Georgia grand jury subpoenas Mon. Graham, Giuliani and Trump legal team

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ATLANTA — As part of an ongoing investigation into Donald Trump’s potential criminal interference in the 2020 presidential election, several of the former president’s closest advisers — including Sen. Lindsey O. Graham (RS.C.) and Trump’s personal lawyer Rudy Giuliani — are being subpoenaed to testify before a grand jury in Georgia’s Fulton County, according to court filings obtained by The Washington Post.

The subpoenas, which were approved July 5 by the judge presiding over the grand jury, summon senior members of Trump’s legal team, including Giuliani, Kenneth Chesebro, John Eastman, Jenna Ellis and Cleta Mitchell, all of whom are believed to have knowledge of Trump’s attempts to tamper with the election process in battleground states such as Georgia, according to the documents. The conservative pundit Jacki Pick Deason was also subpoenaed.

Robert Costello, a lawyer for Giuliani, said Tuesday night his client has “not been served with any subpoena.” The other advisers did not respond to requests for comment.

Fulton County District Attorney Fani Willis launched an investigation into Trump’s potential election interference in Georgia in February 2021 after The Washington Post reported Trump had called Georgia Secretary of State Brad Raffensperger (R) on Jan. 2, 2021, and urged him to “find 11,780 votes” to overturn Democrat Joe Biden’s victory in the state. This spring, Willis requested that a grand jury aid the investigation, arguing that it would be able to issue subpoenas to individuals of interest who had otherwise refused to cooperate.

The latest subpoenas — which were first reported by the Atlanta Journal-Constitution — are the most significant step yet taken to target Trump’s inner circle that apparently worked to overturn the 2020 election results in Georgia and beyond. The revelations also shed light on the broader scope and direction of the investigation.

The subpoenas of Giuliani and others Tuesday required the approval of Fulton Superior Court Judge Robert McBurney because they were directed at people who do not live in Georgia.

Court filings seeking testimony from Graham cite his conversations with Raffensperger after the 2020 election in which the two were reportedly discussed the state’s absentee-ballot policies.

Court documents related to Giuliani cite his December 2020 testimony before the Georgia legislature, during which he claimed to have evidence of widespread voter fraud. Giuliani presented lawmakers with a video claiming election workers had produced “suitcases” full of unlawful ballots during counting at the State Farm Arena in Atlanta. Investigators dismissed the claims shortly thereafter.

“Despite this, the Witness made additional statements, both to the public and in subsequent legislative hearings, claiming widespread voter fraud in Georgia during the November 2020 election and using the now-debunked State Farm video in support of those statements,” a court filing says.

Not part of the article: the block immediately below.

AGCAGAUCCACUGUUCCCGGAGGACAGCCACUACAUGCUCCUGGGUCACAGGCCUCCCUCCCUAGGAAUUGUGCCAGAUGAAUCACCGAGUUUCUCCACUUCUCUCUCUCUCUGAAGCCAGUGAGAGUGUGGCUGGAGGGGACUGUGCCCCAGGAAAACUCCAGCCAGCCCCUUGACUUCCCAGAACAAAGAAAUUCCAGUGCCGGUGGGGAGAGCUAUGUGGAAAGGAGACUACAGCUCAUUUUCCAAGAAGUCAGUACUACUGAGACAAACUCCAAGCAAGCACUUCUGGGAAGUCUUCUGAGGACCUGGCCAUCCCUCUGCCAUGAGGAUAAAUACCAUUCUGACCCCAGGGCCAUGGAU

Giuliani “possesses unique knowledge concerning communications between himself, former President Trump, the Trump Campaign, and other known and unknown individuals involved in the multi-state, coordinated efforts to influence the results of the November 2020 election in Georgia and elsewhere,” according to court documents.

Eastman, who helped lead the Trump legal team’s efforts, also tested to the Georgia legislature that lawmakers had a “duty” to replace the state’s official electors selected by the Georgia Democratic Party with a fake slate of nominees, according to the documents. Ellis, a Trump legal adviser, also tested to the Georgia legislature about the false claims at the State Farm Arena.

Mitchell’s testimony is being sought for her alleged role in the Jan. 2, 2021, Trump’s phone call had with Raffensperger, according to the filings. Mitchell “made allegations of widespread voter fraud in the November 2020 election” and called on “Raffensperger to take action in his official capacity to investigate unfounded claims of fraud,” a filing reads.

The grand jury is pursuing Chesebro’s testimony about a plan “to cast purported electoral college votes in favor of former President Donald Trump, even though none of those 16 individuals had been ascertained as Georgia’s certified presidential electors by Georgia Governor Brian Kemp,” according to the documents. Chesebro had contested in internal Trump campaign memos that 16 fake electors for the former president should convene at the Georgia Capitol on Dec. 14, 2020, to falsely certify Trump as the election’s victor, according to documents reviewed by The Post.

Trump campaign documents show advisers knew fake-elector plan was baseless

The 23-person grand jury is also slated to hear from a number of current and former aids to Raffensperger and could hear testimony from Georgia Attorney General Chris Carr (R). Several state Democratic lawmakers and at least two Fulton County election workers are also set to testify. Kemp (R) will also submit a sworn recorded statement to the Fulton County district’s attorney’s office as part of the investigation, according to court filings obtained by The Post.

In response to a motion by some Georgia state lawmakers to dismiss the investigation, McBurney said July 1 he may limit what questions Willis and the grand jurors can ask about Georgia lawmakers’ communication with each other and their staff, citing legislative privilege. The judge added, however, that he remained open to allowing the grand jury to inquire into lawmakers’ third-party communications.

McBurney said he would issue formal guidelines for the grand jury by mid-July.

Mariana Alfaro and Rosalind S. Helderman contributed to this report.

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